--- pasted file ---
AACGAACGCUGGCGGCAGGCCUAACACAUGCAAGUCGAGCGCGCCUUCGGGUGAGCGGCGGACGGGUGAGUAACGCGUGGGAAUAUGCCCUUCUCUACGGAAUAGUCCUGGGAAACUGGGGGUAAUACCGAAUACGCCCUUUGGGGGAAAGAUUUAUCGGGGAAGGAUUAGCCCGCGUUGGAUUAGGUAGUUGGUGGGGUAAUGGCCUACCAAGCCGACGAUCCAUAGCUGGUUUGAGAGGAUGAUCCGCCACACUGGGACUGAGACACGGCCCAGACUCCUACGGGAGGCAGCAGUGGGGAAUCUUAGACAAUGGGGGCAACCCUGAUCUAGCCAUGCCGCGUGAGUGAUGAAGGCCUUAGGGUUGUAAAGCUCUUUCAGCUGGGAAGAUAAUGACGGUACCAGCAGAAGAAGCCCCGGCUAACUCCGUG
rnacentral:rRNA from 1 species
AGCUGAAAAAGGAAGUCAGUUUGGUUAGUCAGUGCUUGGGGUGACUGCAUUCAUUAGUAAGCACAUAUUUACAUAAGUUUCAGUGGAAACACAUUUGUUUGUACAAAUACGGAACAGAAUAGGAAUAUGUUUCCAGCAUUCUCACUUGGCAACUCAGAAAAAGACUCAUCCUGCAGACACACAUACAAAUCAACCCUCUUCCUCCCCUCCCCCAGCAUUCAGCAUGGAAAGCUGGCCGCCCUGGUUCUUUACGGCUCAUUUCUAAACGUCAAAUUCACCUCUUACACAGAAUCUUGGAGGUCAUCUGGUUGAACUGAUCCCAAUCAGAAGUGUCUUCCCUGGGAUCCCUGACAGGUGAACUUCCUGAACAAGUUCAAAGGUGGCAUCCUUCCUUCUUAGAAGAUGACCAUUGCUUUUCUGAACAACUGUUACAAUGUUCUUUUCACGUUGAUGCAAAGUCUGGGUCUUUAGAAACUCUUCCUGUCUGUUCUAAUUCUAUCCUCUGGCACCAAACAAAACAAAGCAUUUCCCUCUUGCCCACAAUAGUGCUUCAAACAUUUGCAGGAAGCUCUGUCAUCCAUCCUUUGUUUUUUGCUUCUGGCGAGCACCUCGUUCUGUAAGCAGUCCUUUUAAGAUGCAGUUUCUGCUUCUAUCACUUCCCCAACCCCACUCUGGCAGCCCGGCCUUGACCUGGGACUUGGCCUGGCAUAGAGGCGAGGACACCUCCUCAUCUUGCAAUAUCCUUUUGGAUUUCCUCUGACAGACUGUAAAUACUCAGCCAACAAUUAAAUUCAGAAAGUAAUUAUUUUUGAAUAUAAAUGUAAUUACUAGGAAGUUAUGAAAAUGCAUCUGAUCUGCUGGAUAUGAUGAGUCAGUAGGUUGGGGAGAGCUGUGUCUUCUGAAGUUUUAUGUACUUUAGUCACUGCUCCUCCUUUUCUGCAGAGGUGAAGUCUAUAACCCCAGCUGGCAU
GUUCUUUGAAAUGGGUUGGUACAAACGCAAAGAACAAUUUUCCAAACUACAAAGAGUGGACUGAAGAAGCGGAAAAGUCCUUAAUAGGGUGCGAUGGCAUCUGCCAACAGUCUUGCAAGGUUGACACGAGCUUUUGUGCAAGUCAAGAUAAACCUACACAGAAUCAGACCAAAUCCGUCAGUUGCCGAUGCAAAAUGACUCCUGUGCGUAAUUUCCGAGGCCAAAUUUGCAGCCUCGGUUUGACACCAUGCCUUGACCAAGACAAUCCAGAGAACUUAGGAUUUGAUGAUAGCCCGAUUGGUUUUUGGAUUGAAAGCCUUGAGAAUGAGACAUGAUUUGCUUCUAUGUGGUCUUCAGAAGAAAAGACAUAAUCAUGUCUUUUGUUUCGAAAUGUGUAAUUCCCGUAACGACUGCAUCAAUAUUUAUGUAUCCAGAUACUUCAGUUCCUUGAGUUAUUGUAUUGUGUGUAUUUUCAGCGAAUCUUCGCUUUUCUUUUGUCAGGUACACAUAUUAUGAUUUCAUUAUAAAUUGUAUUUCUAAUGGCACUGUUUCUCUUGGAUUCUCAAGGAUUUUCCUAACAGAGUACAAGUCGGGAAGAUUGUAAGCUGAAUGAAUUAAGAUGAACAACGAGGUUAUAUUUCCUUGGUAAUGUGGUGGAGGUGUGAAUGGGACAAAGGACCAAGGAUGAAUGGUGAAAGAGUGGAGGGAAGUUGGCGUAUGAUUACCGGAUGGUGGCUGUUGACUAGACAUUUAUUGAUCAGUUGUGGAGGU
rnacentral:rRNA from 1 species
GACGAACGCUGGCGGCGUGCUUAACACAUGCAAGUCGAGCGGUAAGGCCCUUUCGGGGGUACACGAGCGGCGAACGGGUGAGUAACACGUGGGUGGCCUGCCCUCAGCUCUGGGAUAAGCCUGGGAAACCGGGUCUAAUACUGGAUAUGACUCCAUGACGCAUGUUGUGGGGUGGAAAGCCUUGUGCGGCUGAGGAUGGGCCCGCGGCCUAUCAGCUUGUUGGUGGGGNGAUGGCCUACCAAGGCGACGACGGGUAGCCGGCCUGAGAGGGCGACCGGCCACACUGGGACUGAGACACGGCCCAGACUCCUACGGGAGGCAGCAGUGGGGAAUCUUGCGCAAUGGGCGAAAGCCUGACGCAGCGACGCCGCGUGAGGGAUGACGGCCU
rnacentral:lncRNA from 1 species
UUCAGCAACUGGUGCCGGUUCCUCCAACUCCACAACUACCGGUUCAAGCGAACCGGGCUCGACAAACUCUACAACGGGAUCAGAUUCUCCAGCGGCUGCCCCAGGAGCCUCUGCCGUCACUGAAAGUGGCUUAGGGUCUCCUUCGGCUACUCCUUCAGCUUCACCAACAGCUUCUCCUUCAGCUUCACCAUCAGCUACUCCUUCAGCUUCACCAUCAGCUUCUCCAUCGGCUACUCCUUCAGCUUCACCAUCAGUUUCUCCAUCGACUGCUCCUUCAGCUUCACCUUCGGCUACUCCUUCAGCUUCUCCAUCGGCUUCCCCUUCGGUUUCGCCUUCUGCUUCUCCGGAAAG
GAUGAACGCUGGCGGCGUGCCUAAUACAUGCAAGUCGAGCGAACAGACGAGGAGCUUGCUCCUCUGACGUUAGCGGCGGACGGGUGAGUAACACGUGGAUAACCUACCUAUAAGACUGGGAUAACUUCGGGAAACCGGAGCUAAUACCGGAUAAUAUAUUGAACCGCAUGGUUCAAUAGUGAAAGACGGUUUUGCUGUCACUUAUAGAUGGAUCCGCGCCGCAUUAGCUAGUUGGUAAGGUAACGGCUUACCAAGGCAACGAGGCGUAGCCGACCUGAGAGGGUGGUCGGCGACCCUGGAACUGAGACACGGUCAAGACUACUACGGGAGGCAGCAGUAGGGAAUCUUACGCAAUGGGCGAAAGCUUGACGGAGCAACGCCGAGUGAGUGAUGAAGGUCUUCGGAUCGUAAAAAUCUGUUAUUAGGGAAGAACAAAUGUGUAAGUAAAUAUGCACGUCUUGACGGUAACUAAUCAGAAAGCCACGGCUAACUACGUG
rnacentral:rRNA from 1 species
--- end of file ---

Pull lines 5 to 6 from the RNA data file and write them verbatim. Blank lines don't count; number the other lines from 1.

rnacentral:rRNA from 1 species
GACGAACGCUGGCGGCGUGCUUAACACAUGCAAGUCGAGCGGUAAGGCCCUUUCGGGGGUACACGAGCGGCGAACGGGUGAGUAACACGUGGGUGGCCUGCCCUCAGCUCUGGGAUAAGCCUGGGAAACCGGGUCUAAUACUGGAUAUGACUCCAUGACGCAUGUUGUGGGGUGGAAAGCCUUGUGCGGCUGAGGAUGGGCCCGCGGCCUAUCAGCUUGUUGGUGGGGNGAUGGCCUACCAAGGCGACGACGGGUAGCCGGCCUGAGAGGGCGACCGGCCACACUGGGACUGAGACACGGCCCAGACUCCUACGGGAGGCAGCAGUGGGGAAUCUUGCGCAAUGGGCGAAAGCCUGACGCAGCGACGCCGCGUGAGGGAUGACGGCCU